The managers guide to reducing stress

Kevin Young, general manager, Skillsoft

Kevin-YoungLong gone are the days where employees were confined to working nine to five. Today, the explosion of the internet and social and mobile technology has led to a 24/7 global workplace with many employees taking on higher workloads and multiple job roles. Our recent poll of UK CEOs has uncovered that stress is one of the highest reasons for employees leaving the company – a finding that should provide cause for concern for any business.  Not only can stress can have a disastrous impact on the company’s profitability and productivity, but unhappy employees can produce a lower quality of work and leave businesses with the unnecessary cost of providing temporary cover for employees on long-term sick leave.
 
Our poll uncovered that nearly three quarters (73 per cent) cite personal issues, including stress, as the main reason for their employees changing jobs – above pay (34 per cent) and job dissatisfaction (19 per cent).
 
The problem is that many managers only find out an employee is unhappy in their role on the day they leave or hand in their notice, and by this time it is often too late to rectify the situation and do anything to keep a valued member of staff. So how can businesses ensure that stress is reduced in the workplace and that employees remain both satisfied and productive in their job role?
 
Employer responsibility
Organisations need to take a hard look at their business environment.  They need to ask themselves honestly if their staff are suffering from stress, and if so, why. This means giving staff the opportunity to talk openly to someone they trust in the knowledge that their concerns will be taken seriously.  If the stress is caused by job pressures, such as a lack of suitability for a role, inadequate skills or experience or a limited understanding of what is required, the employer has a responsibility to address this and introduce relevant job-related training.
 
More intangible issues, such as workplace culture, personal issues, conflict or management deficiencies, can be harder to pin down but these should be addressed with equal rigour. There is an abundance of high quality training available in ‘softer skills’ such as communications and negotiation skills, and companies should not hesitate to introduce this for managers’ as well as their teams.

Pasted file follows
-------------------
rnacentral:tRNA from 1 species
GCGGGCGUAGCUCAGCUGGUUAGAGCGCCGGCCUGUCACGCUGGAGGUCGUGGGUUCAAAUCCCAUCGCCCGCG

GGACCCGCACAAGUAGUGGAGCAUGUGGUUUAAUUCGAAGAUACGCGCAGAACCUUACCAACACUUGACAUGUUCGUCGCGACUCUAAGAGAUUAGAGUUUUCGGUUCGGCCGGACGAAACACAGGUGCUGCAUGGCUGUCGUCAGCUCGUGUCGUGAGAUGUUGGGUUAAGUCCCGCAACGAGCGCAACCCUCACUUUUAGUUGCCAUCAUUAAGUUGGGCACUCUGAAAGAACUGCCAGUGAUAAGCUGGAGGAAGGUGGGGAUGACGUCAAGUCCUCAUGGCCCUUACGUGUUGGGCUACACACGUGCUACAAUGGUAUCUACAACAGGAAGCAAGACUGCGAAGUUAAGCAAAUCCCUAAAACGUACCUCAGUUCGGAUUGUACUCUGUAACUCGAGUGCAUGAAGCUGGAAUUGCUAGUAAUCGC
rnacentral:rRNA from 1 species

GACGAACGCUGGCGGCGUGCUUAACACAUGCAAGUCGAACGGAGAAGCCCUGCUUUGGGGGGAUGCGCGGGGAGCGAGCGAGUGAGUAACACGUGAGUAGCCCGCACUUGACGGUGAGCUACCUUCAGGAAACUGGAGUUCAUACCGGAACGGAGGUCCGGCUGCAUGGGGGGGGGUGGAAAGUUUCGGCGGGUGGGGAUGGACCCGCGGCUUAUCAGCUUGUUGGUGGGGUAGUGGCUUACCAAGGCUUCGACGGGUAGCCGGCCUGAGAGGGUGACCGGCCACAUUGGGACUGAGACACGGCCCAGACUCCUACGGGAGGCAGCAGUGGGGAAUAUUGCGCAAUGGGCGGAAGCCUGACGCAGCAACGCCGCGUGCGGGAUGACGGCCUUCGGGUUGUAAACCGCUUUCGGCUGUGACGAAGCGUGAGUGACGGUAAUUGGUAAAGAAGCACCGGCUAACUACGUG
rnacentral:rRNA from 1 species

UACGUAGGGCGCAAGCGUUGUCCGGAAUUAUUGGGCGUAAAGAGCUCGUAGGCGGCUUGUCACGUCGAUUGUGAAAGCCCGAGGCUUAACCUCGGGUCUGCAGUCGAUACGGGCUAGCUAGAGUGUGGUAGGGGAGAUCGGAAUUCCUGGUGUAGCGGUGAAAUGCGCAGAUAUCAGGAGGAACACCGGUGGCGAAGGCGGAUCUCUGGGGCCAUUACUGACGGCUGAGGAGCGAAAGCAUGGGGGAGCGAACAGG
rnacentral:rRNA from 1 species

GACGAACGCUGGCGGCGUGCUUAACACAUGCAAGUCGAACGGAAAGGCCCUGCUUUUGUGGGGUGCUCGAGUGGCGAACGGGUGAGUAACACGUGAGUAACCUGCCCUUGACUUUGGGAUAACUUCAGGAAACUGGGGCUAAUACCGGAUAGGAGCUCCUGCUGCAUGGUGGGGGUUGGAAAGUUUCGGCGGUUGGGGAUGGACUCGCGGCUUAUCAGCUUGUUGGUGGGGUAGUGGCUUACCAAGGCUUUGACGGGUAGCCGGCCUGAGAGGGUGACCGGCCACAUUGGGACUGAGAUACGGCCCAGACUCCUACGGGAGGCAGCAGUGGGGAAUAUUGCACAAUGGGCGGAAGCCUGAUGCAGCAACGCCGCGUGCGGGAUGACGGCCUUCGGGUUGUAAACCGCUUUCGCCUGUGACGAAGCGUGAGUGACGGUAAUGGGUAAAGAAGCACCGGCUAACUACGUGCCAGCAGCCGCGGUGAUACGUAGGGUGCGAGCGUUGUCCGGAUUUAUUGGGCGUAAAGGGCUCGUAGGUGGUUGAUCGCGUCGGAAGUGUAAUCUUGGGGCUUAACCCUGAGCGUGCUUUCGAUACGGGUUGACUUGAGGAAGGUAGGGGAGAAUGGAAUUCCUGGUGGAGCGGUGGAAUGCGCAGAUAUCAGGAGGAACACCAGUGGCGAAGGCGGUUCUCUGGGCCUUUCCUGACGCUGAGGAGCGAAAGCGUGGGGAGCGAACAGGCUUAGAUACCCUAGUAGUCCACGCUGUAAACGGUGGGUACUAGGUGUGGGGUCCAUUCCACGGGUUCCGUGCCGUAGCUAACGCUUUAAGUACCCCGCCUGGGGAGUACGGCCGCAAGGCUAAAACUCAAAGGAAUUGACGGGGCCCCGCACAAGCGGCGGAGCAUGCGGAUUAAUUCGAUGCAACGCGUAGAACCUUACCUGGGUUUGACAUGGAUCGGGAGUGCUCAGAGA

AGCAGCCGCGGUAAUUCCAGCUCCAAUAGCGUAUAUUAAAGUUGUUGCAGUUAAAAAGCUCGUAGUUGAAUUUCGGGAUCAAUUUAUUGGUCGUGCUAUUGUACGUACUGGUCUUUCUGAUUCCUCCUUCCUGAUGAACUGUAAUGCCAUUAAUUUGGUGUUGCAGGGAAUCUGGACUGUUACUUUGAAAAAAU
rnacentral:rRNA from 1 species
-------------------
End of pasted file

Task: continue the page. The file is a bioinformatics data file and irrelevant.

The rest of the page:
NEW SS LogoWe are all human, and not everyone gets on, but a supportive work environment and suitable training will help to resolve tensions and make a real difference in ensuring people have the skills to cope with the increased work demands.
 
Managers and team leaders with targets to meet can overlook this, but it is a well-known fact that ‘people leave managers’, not companies so an employer has a powerful vested interest in getting this sorted.
 
How to combat stress
When it comes to removing the causes of stress, many organisations just don’t know where to start. These are economically challenging times, with many businesses having to make difficult decisions just to keep going.  Employee happiness can move down the agenda, well behind the important issue of keeping jobs open in the first place. This can be a mistake: ultimately people are at the heart of your business, and positive employees are more productive. 
 
Training doesn’t have to be expensive, or to take employees away from the business. The use of technology has transformed the cost, delivery and range of training available. For example, elearning offers high quality, on-the-job, bite sized and modular training that enables employees to learn at the point of need.
 
Unlike classroom training, elearning training can be undertaken anytime and anywhere. This allows employees to brush up on their skills by taking refresher courses and solving on-the-job problems in real time. Any issues that may be causing employees stress can be addressed easily and immediately, and employees can learn at a time and pace that works for them.
 
Employers have little to lose and very much to gain from helping their employees alleviate stress. By ensuring that each employee has their own, tailored training programme to help them do their job more effectively and an opportunity to voice any concerns, employers can feel confident that they are giving staff every opportunity to succeed and stay motivated in their role.
 

 

 

 

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